Post-menopausal women have lower resting cardiac function than pre-menopausal women, but whether the menopause influences maximal cardiac output and hence exercise capacity is unclear. It is possible that pre- and post-menopausal women achieve similar improvements in maximal aerobic capacity (V[Combining Dot Above] O2max) and cardiac output with exercise training via different regional left ventricular muscle function (“LV mechanics”), as suggested by in vitro and animal studies. The aim of this study was to investigate the effects of the menopause on LV mechanics and adaptations to exercise training.
Twenty-five healthy untrained middle-aged women (age 45-58 years; 11 pre-menopausal, 14 post-menopausal) completed 12 weeks of exercise training. Before and after exercise training, (i) V[Combining Dot Above]O2max and blood volume were determined, and (ii) LV mechanics were assessed using echocardiography at rest and during two submaximal physiological tests – lower body negative pressure (LBNP) and supine cycling.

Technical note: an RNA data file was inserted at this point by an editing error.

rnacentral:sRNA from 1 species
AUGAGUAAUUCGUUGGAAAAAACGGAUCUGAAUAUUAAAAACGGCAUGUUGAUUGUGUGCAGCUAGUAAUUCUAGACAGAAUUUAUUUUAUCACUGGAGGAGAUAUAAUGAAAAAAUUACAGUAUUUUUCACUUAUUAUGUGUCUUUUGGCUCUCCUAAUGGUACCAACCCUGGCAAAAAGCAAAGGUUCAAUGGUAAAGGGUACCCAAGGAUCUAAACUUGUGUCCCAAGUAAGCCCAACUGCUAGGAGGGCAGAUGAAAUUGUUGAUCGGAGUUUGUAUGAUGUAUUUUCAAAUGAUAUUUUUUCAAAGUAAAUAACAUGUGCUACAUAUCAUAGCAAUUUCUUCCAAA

The increase in V[Combining Dot Above]O2max after exercise training was 9% smaller in post-menopausal than pre-menopausal women, concomitant with a smaller increase in blood volume (P 0.05) despite altered regional LV muscle function, as indicated by higher basal mechanics in pre-menopausal women during the physiological tests after exercise training (P < 0.05).
These findings are the first to confirm altered LV mechanics in post-menopausal women. In addition, the reduced aerobic adaptability to exercise training in post-menopausal women does not appear to be a central cardiac limitation, and may be due to altered blood volume distribution and lower peripheral adaptations.